Night on the ground on Skull Island is a dangerous time and place to be if you are small. Among the invertebrate predators, few have mouthparts that can compete with those of the moonspider. A variety of sun spider, not a true spider, the ten-legged moonspider sports huge crushing scissor chelicerae and paralytic venom to make short work of its prey. Rodents (namely Skull Island Rats), lizards, small ground birds, and even non-avian dinosaur chicks are potential victims. A bite from the sizable arachnid can cause significant discomfort to even an adult non-avian dinosaur. Moonspiders hunt at night to avoid becoming prey to diurnal birds and other large hunters.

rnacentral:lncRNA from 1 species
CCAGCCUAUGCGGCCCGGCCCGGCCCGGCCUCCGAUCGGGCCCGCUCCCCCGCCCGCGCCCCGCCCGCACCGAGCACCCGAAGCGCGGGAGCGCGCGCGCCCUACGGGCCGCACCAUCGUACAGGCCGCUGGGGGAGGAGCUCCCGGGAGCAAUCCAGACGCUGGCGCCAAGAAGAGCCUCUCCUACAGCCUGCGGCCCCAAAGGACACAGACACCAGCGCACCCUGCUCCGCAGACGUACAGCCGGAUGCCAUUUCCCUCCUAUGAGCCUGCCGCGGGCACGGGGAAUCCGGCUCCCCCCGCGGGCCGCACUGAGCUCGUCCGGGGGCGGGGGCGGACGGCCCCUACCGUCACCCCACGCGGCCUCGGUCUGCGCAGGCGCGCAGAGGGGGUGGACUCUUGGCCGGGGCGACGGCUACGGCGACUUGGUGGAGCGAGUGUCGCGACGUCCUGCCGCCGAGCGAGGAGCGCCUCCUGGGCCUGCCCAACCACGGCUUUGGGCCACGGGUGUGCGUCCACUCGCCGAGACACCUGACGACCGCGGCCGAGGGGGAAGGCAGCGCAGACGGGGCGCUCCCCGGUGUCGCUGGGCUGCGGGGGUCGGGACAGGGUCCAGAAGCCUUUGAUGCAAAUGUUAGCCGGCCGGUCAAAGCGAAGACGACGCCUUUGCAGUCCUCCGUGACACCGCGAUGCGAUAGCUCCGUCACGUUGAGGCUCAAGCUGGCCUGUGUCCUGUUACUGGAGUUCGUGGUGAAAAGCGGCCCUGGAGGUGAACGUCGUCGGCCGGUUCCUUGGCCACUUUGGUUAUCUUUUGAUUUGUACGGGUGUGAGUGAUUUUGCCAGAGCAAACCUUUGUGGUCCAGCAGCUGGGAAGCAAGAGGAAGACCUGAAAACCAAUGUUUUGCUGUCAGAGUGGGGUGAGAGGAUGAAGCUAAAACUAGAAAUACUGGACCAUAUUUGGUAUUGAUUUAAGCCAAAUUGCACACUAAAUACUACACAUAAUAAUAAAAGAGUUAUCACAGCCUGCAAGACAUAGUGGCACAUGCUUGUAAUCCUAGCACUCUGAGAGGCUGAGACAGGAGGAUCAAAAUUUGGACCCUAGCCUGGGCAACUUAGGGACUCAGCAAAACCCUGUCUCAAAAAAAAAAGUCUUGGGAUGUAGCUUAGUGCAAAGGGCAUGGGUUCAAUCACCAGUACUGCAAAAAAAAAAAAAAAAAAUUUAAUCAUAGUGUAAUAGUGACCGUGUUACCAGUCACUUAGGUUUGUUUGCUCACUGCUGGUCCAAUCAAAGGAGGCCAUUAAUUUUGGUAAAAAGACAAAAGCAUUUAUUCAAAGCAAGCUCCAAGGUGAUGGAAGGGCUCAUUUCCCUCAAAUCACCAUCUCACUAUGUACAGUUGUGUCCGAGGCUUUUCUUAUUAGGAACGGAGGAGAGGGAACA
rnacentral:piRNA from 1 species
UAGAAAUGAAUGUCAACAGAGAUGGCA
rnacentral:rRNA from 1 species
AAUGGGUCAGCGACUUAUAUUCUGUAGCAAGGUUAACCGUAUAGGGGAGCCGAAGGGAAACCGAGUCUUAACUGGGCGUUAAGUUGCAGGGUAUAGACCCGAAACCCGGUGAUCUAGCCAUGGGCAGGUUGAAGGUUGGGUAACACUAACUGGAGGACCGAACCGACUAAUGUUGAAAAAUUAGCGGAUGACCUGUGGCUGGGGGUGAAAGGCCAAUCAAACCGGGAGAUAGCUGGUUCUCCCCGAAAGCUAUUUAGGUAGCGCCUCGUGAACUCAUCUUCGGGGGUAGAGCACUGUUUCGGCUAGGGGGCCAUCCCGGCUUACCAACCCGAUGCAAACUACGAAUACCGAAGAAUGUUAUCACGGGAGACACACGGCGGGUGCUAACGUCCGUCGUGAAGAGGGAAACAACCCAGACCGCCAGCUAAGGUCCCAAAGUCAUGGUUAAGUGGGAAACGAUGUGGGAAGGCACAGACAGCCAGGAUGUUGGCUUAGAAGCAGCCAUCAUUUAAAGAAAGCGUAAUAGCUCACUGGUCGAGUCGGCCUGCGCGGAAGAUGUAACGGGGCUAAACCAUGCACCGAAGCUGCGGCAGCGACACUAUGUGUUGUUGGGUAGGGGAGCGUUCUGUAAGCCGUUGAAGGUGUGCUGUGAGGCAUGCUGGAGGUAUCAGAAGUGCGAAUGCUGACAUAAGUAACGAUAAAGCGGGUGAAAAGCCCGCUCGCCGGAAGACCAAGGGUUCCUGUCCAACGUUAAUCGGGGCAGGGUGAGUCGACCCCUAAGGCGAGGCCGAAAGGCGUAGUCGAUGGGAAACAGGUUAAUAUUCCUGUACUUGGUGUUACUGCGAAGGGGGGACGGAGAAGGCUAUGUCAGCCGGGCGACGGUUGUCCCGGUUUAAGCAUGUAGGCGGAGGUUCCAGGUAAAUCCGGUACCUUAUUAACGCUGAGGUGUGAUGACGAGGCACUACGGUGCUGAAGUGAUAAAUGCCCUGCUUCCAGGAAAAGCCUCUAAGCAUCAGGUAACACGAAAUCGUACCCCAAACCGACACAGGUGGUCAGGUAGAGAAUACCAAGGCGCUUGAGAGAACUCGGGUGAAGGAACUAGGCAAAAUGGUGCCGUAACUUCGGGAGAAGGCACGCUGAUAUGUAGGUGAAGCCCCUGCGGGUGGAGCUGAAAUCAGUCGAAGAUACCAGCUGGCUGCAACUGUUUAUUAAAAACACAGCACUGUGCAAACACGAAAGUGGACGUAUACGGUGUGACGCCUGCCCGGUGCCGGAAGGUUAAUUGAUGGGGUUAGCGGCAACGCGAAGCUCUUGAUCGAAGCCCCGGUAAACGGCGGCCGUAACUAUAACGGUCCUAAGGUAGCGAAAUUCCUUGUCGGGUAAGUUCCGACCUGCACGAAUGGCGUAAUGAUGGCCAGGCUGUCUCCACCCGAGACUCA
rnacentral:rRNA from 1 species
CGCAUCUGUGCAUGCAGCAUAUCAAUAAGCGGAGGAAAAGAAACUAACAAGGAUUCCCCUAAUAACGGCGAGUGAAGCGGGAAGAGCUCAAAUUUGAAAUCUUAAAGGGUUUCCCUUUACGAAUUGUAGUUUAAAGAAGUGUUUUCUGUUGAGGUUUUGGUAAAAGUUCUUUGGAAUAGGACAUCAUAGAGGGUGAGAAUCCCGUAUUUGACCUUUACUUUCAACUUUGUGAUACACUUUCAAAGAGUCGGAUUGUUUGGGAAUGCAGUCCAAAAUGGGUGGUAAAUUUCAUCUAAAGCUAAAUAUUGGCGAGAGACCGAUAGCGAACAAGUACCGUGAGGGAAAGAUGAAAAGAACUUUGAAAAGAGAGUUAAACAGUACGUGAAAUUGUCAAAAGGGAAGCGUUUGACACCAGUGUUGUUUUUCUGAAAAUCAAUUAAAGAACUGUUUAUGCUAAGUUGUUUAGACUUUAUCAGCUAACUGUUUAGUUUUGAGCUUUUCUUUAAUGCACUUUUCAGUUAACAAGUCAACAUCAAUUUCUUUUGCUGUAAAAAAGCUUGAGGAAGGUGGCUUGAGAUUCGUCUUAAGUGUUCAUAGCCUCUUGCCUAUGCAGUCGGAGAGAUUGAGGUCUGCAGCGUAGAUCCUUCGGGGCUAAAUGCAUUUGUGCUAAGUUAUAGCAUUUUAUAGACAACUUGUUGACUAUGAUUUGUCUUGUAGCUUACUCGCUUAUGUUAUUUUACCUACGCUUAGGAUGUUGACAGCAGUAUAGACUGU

A particularly nasty tactic developed by moonspiders is to wait near dinosaur nests just as young are hatching. Tuned to pick up the faint scent of egg matter on a night breeze that might indicate the early stages of a hatching, moonspiders are drawn to nests where young are still struggling to free themselves from their shells. In this vulnerable state they are easy prey for the invertebrate.